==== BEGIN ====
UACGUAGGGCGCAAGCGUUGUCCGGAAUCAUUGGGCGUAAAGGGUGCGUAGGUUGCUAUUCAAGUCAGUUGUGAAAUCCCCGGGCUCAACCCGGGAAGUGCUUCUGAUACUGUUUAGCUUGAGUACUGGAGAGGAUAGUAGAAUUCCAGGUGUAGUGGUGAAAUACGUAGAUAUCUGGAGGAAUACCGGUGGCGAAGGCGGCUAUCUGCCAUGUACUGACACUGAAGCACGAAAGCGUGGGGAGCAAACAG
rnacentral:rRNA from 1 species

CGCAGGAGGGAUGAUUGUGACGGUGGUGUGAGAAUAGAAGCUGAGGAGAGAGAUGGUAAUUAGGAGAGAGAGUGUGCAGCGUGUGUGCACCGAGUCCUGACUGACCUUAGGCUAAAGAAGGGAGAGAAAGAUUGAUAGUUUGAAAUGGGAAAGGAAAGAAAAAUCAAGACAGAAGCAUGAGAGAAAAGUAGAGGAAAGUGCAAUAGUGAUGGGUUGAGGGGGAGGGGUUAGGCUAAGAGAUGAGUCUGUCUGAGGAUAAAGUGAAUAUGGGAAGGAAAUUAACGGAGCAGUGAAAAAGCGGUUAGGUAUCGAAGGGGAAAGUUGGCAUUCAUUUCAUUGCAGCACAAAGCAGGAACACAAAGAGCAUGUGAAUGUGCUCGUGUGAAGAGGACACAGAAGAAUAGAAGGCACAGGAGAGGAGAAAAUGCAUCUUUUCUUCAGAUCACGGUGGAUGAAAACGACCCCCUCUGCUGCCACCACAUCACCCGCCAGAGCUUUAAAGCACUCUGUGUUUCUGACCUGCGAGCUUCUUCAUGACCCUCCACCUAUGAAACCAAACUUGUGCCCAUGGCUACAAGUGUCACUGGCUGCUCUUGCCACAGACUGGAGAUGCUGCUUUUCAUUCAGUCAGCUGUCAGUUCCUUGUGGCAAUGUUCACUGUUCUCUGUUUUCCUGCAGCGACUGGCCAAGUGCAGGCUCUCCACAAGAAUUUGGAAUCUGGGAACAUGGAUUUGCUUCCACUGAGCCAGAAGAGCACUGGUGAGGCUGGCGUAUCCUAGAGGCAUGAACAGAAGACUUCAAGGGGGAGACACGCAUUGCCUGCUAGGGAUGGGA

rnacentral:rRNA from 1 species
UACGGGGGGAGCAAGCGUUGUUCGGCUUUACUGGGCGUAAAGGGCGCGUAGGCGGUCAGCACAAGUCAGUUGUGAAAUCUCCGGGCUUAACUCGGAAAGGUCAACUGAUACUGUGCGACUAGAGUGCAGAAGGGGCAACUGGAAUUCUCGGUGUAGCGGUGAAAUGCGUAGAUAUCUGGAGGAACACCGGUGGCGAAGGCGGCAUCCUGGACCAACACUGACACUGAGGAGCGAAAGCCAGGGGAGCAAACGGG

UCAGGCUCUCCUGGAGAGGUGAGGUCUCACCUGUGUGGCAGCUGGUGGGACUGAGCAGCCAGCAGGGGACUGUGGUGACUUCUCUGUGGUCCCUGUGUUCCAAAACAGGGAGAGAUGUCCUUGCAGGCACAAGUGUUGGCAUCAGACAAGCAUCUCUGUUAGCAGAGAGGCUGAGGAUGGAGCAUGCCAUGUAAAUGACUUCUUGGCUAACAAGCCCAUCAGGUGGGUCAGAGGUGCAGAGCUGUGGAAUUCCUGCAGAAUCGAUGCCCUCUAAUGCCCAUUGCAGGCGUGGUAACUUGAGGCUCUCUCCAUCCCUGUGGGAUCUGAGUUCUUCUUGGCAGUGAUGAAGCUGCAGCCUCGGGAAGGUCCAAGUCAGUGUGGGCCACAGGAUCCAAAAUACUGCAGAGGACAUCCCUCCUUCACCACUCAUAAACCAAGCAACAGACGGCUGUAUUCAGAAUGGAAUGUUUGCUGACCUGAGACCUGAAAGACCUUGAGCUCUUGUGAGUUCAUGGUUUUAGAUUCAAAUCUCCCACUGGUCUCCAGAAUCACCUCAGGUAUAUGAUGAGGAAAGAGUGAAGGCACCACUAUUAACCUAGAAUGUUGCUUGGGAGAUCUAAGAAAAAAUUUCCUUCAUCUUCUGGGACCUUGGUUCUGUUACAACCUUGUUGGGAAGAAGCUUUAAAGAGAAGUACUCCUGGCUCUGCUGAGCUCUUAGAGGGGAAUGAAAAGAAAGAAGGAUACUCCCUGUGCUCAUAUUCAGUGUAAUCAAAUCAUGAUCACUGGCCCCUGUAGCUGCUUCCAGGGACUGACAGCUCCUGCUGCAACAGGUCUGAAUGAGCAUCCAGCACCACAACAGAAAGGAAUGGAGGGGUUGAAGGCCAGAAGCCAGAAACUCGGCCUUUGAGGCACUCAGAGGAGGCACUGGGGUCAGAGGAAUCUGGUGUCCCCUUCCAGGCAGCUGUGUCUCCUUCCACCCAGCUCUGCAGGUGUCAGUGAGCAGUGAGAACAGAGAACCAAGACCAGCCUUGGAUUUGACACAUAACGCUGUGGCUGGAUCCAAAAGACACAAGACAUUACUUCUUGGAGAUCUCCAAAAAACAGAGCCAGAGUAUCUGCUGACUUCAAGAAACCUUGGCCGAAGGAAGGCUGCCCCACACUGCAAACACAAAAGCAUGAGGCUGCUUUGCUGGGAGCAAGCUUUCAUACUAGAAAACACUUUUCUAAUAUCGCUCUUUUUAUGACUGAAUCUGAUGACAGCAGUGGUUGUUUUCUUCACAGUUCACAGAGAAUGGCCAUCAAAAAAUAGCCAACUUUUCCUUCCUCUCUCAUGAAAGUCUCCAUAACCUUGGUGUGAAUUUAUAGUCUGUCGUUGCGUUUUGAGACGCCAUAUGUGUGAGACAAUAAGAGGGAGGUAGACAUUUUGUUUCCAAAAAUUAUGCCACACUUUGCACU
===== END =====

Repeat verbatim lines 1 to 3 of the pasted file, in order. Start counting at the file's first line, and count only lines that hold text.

UACGUAGGGCGCAAGCGUUGUCCGGAAUCAUUGGGCGUAAAGGGUGCGUAGGUUGCUAUUCAAGUCAGUUGUGAAAUCCCCGGGCUCAACCCGGGAAGUGCUUCUGAUACUGUUUAGCUUGAGUACUGGAGAGGAUAGUAGAAUUCCAGGUGUAGUGGUGAAAUACGUAGAUAUCUGGAGGAAUACCGGUGGCGAAGGCGGCUAUCUGCCAUGUACUGACACUGAAGCACGAAAGCGUGGGGAGCAAACAG
rnacentral:rRNA from 1 species

CGCAGGAGGGAUGAUUGUGACGGUGGUGUGAGAAUAGAAGCUGAGGAGAGAGAUGGUAAUUAGGAGAGAGAGUGUGCAGCGUGUGUGCACCGAGUCCUGACUGACCUUAGGCUAAAGAAGGGAGAGAAAGAUUGAUAGUUUGAAAUGGGAAAGGAAAGAAAAAUCAAGACAGAAGCAUGAGAGAAAAGUAGAGGAAAGUGCAAUAGUGAUGGGUUGAGGGGGAGGGGUUAGGCUAAGAGAUGAGUCUGUCUGAGGAUAAAGUGAAUAUGGGAAGGAAAUUAACGGAGCAGUGAAAAAGCGGUUAGGUAUCGAAGGGGAAAGUUGGCAUUCAUUUCAUUGCAGCACAAAGCAGGAACACAAAGAGCAUGUGAAUGUGCUCGUGUGAAGAGGACACAGAAGAAUAGAAGGCACAGGAGAGGAGAAAAUGCAUCUUUUCUUCAGAUCACGGUGGAUGAAAACGACCCCCUCUGCUGCCACCACAUCACCCGCCAGAGCUUUAAAGCACUCUGUGUUUCUGACCUGCGAGCUUCUUCAUGACCCUCCACCUAUGAAACCAAACUUGUGCCCAUGGCUACAAGUGUCACUGGCUGCUCUUGCCACAGACUGGAGAUGCUGCUUUUCAUUCAGUCAGCUGUCAGUUCCUUGUGGCAAUGUUCACUGUUCUCUGUUUUCCUGCAGCGACUGGCCAAGUGCAGGCUCUCCACAAGAAUUUGGAAUCUGGGAACAUGGAUUUGCUUCCACUGAGCCAGAAGAGCACUGGUGAGGCUGGCGUAUCCUAGAGGCAUGAACAGAAGACUUCAAGGGGGAGACACGCAUUGCCUGCUAGGGAUGGGA